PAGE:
Cheap Heat 9.7.01: Excess

Bottom Line of the Week: Third Edition Dungeons and Dragons sucks. If you play Second, and have thought about switching over, don’t you’ll hate it. They took all the annoying parts of the game and revolved the entire edition around them. Basically, the whole game is about Experience and Bonuses to dice rolls. So, all the people that whined about that stuff in Second Edition will be right at home in Third Edition. Not to say some rule additions don’t have merit, but you can easily adapt those into Second Edition and keep the rules you like.

Why are Brian Adams and Brian Clarke Kronik? What happened to Demolition 2k? I would have fell over in my chair in a puddle of bodily fluids if they hit the old Demolition Music again.

Final Thought: I was thinking of creating a points system for the rankings, rather than my own random whims. Anyone have any suggestions?

Onto the article:

In the beginning, there was Primetime Wrestling. I remember watching Primetime. One night a week, I was allowed to stay up until 11pm, and it was Monday Nights. There was also All-American Wrestling, that come on Saturday Mornings after cartoons, and Superstars of Wrestling before church on Sundays.

Then, far before the WWF got Attitude, Primetime Wrestling became the “live” show, Monday Night Raw in 1993. It was an hour long, and live once every four weeks.

Somewhere along the line, Fox dropped All American Wrestling and USA added the show Livewire. Superstars stopped airing matches and became the same as Livewire. Both shows recapped what happened on Raw, and quickly became “could miss” shows.

Then, in 1995, WCW decided to counter the WWF’s Monday Night Monopoly. The world was introduced to Monday Nitro in September of 1995. The two shows competed in the fabled “Monday Night Wars” for five and a half years.

Nitro grew in leaps and bounds, eventually eclipsing Raw, which gave Eric Bischoff the idea there was a need for a second show. In January of 1998, Bischoff gave us WCW Thursday Thunder. To sell the first show, they cut the rematch of Hulk Hogan and Sting off halfway through on the preceding Nitro. Needless to say, Eric didn’t win too many fans during his handling, or mishandling, of Sting/Hogan.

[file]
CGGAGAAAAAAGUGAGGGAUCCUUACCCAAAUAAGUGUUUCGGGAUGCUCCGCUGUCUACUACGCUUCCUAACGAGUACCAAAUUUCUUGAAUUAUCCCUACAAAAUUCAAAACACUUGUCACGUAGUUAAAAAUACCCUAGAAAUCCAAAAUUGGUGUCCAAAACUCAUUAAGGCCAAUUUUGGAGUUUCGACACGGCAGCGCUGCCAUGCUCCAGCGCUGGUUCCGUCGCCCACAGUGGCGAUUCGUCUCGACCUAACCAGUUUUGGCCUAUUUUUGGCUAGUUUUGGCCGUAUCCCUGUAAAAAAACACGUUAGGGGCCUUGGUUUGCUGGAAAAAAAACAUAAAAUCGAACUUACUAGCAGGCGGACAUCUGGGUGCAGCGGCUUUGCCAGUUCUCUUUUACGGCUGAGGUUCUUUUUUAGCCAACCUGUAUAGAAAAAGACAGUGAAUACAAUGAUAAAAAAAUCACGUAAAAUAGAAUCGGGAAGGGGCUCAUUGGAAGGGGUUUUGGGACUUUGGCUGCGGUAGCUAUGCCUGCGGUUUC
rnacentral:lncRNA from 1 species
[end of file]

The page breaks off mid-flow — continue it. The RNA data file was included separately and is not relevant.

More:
After Wrestlemania 14, fans decided Nitro had lost its edge ((thanks, in no small part, to the above mentioned mishandling of Sting/Hogan)). People started watching the WWF and leaving WCW to flounder. The WWF, not be outdone by Turner, gave us Smackdown in April of 1999.

Lest we forget ECW, who’s short lived television show debuted in 2000. And Heat, which came about in 2000.

Competition being what it is, eventually the WWF swallowed all it’s competitors. The WWF is now the only mainstream wrestling company with national television exposure. It had five television shows, three of which carried first run matches and two of which were “magazine shows.” At the expense of Livewire and Superstars, we get Excess.

Which might be the most properly named show in television history.

I’m not going to be a columnist that’s just going to state the show sucks and be done with it rather, I think the idea of the show is decent. The way they’re doing it, though, is what I disagree with. JR said it’s a work in progress and I say they have a lot of work ahead of them.

Let’s start at the primary problem. The timeslot. The WWF should have learned with the XFL that their target audience, the 16-34 male, ((listen carefully guys)) IS NOT HOME ON SATURDAY NIGHTS!!!!!! We can break it down very simply. The average 16-18 year old male is a newly driving high school student. They’re either bowling, mini-golfing, or wandering around the streets of their hometown breaking stuff. 19-23 year old males are college students. If they’re home on a Saturday night, there’s something wrong. They’re either swamped in work, playing video games, or chatting online. If they’re normal, they’re out getting plastered, playing Beer Pong, or having sex. 23-27 year old males are out with their co-workers getting hammered, because they don’t have a part time job and have weekends off for the first times in their lives. If they’re not out with the guys, they’re trying to find themselves some play. Above 27 I don’t know what they’re doing, to be totally honest with you.